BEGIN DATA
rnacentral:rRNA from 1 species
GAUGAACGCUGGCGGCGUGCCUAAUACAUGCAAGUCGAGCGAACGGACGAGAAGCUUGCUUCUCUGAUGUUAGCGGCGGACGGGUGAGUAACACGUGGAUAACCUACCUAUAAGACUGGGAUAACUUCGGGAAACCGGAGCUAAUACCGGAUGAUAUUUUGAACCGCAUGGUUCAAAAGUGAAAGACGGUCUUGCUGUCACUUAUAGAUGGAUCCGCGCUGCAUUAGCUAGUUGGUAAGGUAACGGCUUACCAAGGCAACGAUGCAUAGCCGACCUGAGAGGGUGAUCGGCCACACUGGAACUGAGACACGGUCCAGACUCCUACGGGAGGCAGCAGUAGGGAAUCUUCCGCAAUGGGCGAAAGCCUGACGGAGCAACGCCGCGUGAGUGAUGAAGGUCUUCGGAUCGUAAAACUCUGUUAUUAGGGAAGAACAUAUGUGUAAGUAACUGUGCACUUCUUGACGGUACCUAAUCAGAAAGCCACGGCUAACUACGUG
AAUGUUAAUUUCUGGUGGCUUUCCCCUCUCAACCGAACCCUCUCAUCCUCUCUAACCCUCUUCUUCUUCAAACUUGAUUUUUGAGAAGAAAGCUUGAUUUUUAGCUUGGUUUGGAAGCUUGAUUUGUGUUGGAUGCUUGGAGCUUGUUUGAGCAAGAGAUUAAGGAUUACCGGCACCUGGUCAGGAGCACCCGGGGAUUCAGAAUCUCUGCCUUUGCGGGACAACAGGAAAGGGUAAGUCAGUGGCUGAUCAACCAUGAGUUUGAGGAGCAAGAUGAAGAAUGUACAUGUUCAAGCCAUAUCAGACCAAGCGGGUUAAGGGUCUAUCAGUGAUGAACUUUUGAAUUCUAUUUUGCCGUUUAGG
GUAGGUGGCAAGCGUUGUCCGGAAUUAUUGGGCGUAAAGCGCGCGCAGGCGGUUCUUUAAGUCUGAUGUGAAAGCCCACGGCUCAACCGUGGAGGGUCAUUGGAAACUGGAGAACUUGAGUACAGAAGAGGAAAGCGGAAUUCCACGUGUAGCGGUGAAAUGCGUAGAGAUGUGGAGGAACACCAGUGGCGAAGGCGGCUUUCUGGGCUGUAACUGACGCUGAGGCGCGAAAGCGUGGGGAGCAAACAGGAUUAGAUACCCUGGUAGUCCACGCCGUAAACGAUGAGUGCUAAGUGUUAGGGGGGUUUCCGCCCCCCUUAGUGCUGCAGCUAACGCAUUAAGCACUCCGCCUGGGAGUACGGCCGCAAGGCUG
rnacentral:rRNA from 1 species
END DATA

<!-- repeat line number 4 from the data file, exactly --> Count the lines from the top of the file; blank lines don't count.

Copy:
GUAGGUGGCAAGCGUUGUCCGGAAUUAUUGGGCGUAAAGCGCGCGCAGGCGGUUCUUUAAGUCUGAUGUGAAAGCCCACGGCUCAACCGUGGAGGGUCAUUGGAAACUGGAGAACUUGAGUACAGAAGAGGAAAGCGGAAUUCCACGUGUAGCGGUGAAAUGCGUAGAGAUGUGGAGGAACACCAGUGGCGAAGGCGGCUUUCUGGGCUGUAACUGACGCUGAGGCGCGAAAGCGUGGGGAGCAAACAGGAUUAGAUACCCUGGUAGUCCACGCCGUAAACGAUGAGUGCUAAGUGUUAGGGGGGUUUCCGCCCCCCUUAGUGCUGCAGCUAACGCAUUAAGCACUCCGCCUGGGAGUACGGCCGCAAGGCUG